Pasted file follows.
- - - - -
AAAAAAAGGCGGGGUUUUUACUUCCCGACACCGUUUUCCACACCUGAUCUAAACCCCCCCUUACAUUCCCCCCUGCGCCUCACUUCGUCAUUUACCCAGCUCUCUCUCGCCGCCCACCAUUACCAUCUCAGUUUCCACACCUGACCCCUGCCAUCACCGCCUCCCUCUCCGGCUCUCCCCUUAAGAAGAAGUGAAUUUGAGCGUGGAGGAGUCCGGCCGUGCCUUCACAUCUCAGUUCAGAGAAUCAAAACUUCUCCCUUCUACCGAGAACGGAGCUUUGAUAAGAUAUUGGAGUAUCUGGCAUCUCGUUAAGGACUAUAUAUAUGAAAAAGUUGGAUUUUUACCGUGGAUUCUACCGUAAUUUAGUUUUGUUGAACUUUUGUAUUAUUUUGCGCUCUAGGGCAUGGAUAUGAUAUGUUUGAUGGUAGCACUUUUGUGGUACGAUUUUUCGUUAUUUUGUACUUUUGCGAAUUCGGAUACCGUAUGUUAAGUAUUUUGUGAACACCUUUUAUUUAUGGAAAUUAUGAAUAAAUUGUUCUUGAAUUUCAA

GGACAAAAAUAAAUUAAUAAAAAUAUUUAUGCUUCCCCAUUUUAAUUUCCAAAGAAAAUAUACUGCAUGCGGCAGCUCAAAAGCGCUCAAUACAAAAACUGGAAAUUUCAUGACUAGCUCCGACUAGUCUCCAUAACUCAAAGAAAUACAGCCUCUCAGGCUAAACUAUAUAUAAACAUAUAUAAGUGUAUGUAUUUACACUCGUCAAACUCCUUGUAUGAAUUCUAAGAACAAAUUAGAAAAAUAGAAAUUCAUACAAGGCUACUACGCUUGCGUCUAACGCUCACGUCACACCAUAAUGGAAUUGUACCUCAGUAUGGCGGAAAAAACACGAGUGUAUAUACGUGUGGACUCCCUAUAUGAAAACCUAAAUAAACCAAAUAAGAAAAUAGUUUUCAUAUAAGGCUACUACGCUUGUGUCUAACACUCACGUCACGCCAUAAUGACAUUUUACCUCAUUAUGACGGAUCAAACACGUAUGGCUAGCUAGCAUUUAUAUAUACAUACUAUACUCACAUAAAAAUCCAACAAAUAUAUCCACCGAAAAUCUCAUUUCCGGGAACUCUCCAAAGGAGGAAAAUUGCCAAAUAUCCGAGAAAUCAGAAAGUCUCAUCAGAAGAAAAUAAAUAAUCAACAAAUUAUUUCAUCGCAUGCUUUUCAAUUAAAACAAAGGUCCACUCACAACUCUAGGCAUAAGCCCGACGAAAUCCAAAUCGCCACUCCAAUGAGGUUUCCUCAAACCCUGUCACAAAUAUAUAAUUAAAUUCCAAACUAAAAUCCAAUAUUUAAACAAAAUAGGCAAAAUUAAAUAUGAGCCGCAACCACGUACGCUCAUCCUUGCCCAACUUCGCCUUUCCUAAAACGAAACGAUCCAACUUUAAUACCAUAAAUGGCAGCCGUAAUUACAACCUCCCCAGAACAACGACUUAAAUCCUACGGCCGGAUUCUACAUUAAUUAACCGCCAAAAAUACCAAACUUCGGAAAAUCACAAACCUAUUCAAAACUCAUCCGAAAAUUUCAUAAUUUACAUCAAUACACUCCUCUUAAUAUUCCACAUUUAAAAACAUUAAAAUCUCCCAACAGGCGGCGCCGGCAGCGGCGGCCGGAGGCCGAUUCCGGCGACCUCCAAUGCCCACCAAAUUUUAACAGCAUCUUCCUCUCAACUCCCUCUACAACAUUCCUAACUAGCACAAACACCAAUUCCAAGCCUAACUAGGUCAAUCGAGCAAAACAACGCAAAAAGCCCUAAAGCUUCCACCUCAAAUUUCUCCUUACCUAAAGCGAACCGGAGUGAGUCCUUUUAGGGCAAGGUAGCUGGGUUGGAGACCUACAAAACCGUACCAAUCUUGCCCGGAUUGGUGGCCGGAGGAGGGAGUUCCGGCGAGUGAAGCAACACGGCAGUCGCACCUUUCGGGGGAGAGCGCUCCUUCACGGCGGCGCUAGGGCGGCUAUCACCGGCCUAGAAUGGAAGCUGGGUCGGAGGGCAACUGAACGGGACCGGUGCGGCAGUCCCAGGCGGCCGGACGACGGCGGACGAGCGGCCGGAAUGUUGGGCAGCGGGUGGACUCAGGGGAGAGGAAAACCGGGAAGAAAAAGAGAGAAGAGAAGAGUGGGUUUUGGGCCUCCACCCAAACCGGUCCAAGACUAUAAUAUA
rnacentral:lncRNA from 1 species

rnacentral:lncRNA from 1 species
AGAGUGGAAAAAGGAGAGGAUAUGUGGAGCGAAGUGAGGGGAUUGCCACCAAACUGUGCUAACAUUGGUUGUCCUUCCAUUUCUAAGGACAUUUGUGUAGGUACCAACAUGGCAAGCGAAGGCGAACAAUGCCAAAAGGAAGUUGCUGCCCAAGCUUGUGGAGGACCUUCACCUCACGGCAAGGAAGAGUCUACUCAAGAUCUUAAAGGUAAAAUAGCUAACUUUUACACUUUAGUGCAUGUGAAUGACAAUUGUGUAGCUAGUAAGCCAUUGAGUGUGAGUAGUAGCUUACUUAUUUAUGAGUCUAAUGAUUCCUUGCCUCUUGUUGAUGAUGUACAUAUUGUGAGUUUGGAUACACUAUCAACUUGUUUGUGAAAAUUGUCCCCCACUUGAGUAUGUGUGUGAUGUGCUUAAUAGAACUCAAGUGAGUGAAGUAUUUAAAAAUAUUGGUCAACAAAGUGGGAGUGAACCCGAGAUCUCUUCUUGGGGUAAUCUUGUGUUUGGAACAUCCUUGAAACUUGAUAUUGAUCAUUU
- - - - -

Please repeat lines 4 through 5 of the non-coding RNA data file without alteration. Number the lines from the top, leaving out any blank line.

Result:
rnacentral:lncRNA from 1 species
AGAGUGGAAAAAGGAGAGGAUAUGUGGAGCGAAGUGAGGGGAUUGCCACCAAACUGUGCUAACAUUGGUUGUCCUUCCAUUUCUAAGGACAUUUGUGUAGGUACCAACAUGGCAAGCGAAGGCGAACAAUGCCAAAAGGAAGUUGCUGCCCAAGCUUGUGGAGGACCUUCACCUCACGGCAAGGAAGAGUCUACUCAAGAUCUUAAAGGUAAAAUAGCUAACUUUUACACUUUAGUGCAUGUGAAUGACAAUUGUGUAGCUAGUAAGCCAUUGAGUGUGAGUAGUAGCUUACUUAUUUAUGAGUCUAAUGAUUCCUUGCCUCUUGUUGAUGAUGUACAUAUUGUGAGUUUGGAUACACUAUCAACUUGUUUGUGAAAAUUGUCCCCCACUUGAGUAUGUGUGUGAUGUGCUUAAUAGAACUCAAGUGAGUGAAGUAUUUAAAAAUAUUGGUCAACAAAGUGGGAGUGAACCCGAGAUCUCUUCUUGGGGUAAUCUUGUGUUUGGAACAUCCUUGAAACUUGAUAUUGAUCAUUU